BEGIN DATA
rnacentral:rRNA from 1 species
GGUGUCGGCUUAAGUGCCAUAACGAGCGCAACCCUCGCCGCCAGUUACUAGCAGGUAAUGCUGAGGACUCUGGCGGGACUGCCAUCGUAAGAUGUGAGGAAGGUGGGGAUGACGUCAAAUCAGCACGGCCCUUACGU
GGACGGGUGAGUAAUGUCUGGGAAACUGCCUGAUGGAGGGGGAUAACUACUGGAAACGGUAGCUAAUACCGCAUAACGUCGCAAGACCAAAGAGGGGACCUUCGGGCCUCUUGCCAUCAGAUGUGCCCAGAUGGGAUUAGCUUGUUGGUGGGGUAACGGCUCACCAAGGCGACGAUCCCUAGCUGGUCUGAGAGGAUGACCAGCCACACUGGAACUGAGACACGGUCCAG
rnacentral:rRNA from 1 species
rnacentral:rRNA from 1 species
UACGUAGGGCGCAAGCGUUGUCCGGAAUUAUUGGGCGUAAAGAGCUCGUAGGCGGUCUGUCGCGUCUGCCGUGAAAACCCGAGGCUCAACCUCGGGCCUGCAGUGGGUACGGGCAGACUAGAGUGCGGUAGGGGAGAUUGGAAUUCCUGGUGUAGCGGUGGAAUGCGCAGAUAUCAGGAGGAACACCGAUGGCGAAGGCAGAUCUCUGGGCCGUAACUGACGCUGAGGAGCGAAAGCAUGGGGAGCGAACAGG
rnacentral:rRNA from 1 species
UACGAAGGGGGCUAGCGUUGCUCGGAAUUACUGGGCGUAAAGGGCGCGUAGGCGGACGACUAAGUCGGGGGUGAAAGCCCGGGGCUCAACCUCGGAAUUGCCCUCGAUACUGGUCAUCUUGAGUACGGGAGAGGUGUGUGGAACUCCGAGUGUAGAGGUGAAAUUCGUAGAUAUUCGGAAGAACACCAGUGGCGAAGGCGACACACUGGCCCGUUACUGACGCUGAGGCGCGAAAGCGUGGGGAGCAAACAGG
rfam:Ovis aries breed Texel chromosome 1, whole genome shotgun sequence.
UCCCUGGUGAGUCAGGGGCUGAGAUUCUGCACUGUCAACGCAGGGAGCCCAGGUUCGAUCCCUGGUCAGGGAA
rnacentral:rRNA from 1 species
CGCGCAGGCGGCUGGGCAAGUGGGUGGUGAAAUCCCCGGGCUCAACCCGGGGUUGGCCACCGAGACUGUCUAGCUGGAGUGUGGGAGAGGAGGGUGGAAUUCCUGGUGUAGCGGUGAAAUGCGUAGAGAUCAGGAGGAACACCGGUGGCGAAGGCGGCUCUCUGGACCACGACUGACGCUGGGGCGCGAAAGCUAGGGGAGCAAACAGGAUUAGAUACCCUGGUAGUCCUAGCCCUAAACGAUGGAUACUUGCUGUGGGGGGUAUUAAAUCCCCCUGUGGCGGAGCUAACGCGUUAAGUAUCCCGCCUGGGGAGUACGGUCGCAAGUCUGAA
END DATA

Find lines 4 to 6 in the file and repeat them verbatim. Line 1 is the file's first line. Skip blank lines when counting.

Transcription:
rnacentral:rRNA from 1 species
rnacentral:rRNA from 1 species
UACGUAGGGCGCAAGCGUUGUCCGGAAUUAUUGGGCGUAAAGAGCUCGUAGGCGGUCUGUCGCGUCUGCCGUGAAAACCCGAGGCUCAACCUCGGGCCUGCAGUGGGUACGGGCAGACUAGAGUGCGGUAGGGGAGAUUGGAAUUCCUGGUGUAGCGGUGGAAUGCGCAGAUAUCAGGAGGAACACCGAUGGCGAAGGCAGAUCUCUGGGCCGUAACUGACGCUGAGGAGCGAAAGCAUGGGGAGCGAACAGG